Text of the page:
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  • X-Men (Widescreen)
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X-Men (Widescreen)


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X-Men (Widescreen) + X-Men 3: The Last Stand (Bilingual) + X-Men: First Class (Bilingual)
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Product Details

  • Actors: Patrick Stewart, Hugh Jackman, Ian McKellen, Famke Janssen, James Marsden
  • Directors: Bryan Singer
  • Writers: Bryan Singer, David Hayter, Tom DeSanto
  • Producers: Avi Arad, Bill Todman Jr., Joel Simon, Kevin Feige
  • Format: NTSC
  • Language: English
  • Subtitles: English, Spanish
  • Dubbed: French
  • Number of discs: 1
  • MPAA Rating: R
  • Studio: Fox Video (Canada) Limited
  • Release Date: Aug. 14 2001
  • Run Time: 104 minutes
  • Average Customer Review: 4.1 out of 5 stars  See all reviews (564 customer reviews)
  • ASIN: B00003CX8J
  • Amazon Bestsellers Rank: #54,847 in DVD (See Top 100 in DVD)

Product Description

Product Description

Previously Enjoyed & Fully Guaranteed

Special Features

Ten minutes of X-Men deleted scenes (most of them superfluous) are viewable separately or integrated into the complete film, with an onscreen symbol to mark when a deleted scene has been inserted. "The Mutant Watch" is a 23-minute promotional featurette originally broadcast on Fox TV at the time of the film's release, and combines interview clips with a "mockumentary" news profile of Senator Kelly (Bruce Davison) and his campaign to promote "mutant registration." Excerpts from Charlie Rose's interview with director Bryan Singer are worthwhile but too brief: the entire interview should have been included. Hugh Jackman's screen test (with costar Anna Paquin) provides an interesting glimpse of the casting process. The DVD's features are rounded out by a standard variety of production and costume sketches, two computer-generated "animatics" showing the preparation of action sequences, plus TV spots and theatrical trailers. --Jeff Shannon

Customer Reviews

4.1 out of 5 stars

Most helpful customer reviews

1 of 1 people found the following review helpful By K. Driscoll on Aug. 30 2007
Format: DVD
The first X-Men film is not really perfect, but in terms of it's timing and what it meant might be coming down the pike with regards to cinematic interpretations of comic books (specifically Marvel comics) it is pretty darn close to perfect. Lets face it, this is the harbinger of the comic book movie age that has, like it or not, made some exciting and high-grossing films. I personally think the majority of comic book movies fail and could care less about how much money they make, but X-Men is a bit more than that. It's a very good movie too.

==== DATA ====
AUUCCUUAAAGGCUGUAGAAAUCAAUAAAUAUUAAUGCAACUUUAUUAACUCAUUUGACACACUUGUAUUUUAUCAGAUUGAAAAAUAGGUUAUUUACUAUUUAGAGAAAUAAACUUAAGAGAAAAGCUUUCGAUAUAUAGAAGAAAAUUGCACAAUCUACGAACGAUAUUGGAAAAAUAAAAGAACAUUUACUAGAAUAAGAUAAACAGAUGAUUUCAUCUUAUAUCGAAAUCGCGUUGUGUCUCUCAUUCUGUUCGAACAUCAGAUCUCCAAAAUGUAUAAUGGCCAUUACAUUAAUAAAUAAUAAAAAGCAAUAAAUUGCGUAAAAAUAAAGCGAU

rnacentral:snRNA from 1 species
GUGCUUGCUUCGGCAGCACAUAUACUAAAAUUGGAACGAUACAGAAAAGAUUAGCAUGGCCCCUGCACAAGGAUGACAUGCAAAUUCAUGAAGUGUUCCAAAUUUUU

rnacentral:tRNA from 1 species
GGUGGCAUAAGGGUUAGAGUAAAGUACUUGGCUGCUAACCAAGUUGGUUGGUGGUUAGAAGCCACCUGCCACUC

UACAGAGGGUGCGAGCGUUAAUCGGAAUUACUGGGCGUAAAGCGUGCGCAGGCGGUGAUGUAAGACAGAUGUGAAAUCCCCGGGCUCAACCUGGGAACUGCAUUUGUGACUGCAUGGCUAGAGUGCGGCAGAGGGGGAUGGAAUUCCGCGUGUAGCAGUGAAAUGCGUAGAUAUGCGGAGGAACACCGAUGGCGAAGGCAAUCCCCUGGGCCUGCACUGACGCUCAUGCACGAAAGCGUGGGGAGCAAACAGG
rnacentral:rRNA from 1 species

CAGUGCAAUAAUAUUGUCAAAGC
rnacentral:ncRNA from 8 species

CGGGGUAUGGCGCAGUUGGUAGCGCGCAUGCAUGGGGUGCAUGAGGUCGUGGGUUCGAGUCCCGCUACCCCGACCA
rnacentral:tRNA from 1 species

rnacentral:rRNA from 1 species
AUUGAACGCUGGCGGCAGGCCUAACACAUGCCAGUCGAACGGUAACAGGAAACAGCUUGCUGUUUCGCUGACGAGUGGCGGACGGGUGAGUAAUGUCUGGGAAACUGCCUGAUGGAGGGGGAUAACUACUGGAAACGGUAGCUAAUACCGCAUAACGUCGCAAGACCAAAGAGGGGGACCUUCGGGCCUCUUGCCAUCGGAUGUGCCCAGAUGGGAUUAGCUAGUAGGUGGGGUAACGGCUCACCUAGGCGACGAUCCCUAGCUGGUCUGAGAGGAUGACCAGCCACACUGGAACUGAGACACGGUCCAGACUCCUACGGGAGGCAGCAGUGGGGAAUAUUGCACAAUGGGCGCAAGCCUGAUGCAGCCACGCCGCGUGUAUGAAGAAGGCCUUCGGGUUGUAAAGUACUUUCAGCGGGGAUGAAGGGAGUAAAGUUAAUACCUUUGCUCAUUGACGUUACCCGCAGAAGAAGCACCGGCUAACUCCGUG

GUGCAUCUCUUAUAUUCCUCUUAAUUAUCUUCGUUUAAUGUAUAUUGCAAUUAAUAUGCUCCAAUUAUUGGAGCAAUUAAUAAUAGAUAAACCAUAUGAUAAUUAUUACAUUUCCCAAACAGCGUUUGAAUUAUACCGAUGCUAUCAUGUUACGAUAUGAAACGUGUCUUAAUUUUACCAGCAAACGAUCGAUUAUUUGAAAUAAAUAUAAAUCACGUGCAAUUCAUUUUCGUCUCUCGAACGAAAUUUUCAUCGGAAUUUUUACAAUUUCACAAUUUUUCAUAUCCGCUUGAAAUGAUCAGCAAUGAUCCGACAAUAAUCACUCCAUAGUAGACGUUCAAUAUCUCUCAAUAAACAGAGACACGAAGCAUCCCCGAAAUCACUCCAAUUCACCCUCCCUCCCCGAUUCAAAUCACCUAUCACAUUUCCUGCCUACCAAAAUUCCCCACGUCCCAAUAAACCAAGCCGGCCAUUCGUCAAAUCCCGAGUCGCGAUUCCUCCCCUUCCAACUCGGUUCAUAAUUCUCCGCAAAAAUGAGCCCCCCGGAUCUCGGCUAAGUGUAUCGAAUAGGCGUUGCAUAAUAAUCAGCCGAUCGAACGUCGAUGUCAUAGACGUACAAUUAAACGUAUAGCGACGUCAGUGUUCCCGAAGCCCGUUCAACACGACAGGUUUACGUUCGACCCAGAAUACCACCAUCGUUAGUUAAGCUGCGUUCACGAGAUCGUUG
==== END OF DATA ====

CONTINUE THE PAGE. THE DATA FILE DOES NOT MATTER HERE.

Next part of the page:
I didn't get a chance to see this in theaters but that actually served the film well in terms of how I viewed the hype. I didn't care because so many did...that's the old punk in me in guess. So I waited and received the film as an early Christmas gift the following year. I actually watched it Christmas eve and found it to be incredibly refreshing and enjoyable.

It begins by showing us a young boy being separated from his parents at a German concentration camp in Poland. His parents are going into the camp and will be killed. The boy is desperate to save them and as the German soldiers hold him down he reaches out and somehow begins to bend the metal gates that close in his parents before being struck down by the [...] of one of the soldiers' guns. The boy is Eric Lehnsherr, one of the great all-time Marvel comic villains known as Magneto. In one fell swoop, Bryan Singer does something that I've always been glad X-Men writers did consistently, and that is allow us to sympathize with this villain.

We are then introduced to the primary plot of a modern day Senator bent on the granting the government the ability to force registration of all mutants.
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Format: Blu-ray
A small percentage of the world’s population has natural mutations in their genetic code, each manifesting themselves differently. For many, it leads to special talents and abilities, but such capabilities come at a high cost: ostracization from society. Two factions have risen: one which believes that these “mutants” and the rest of humanity can live peacefully side-by-side, and another which believes a war is coming between mutant and humankind, one in which only one side will prevail.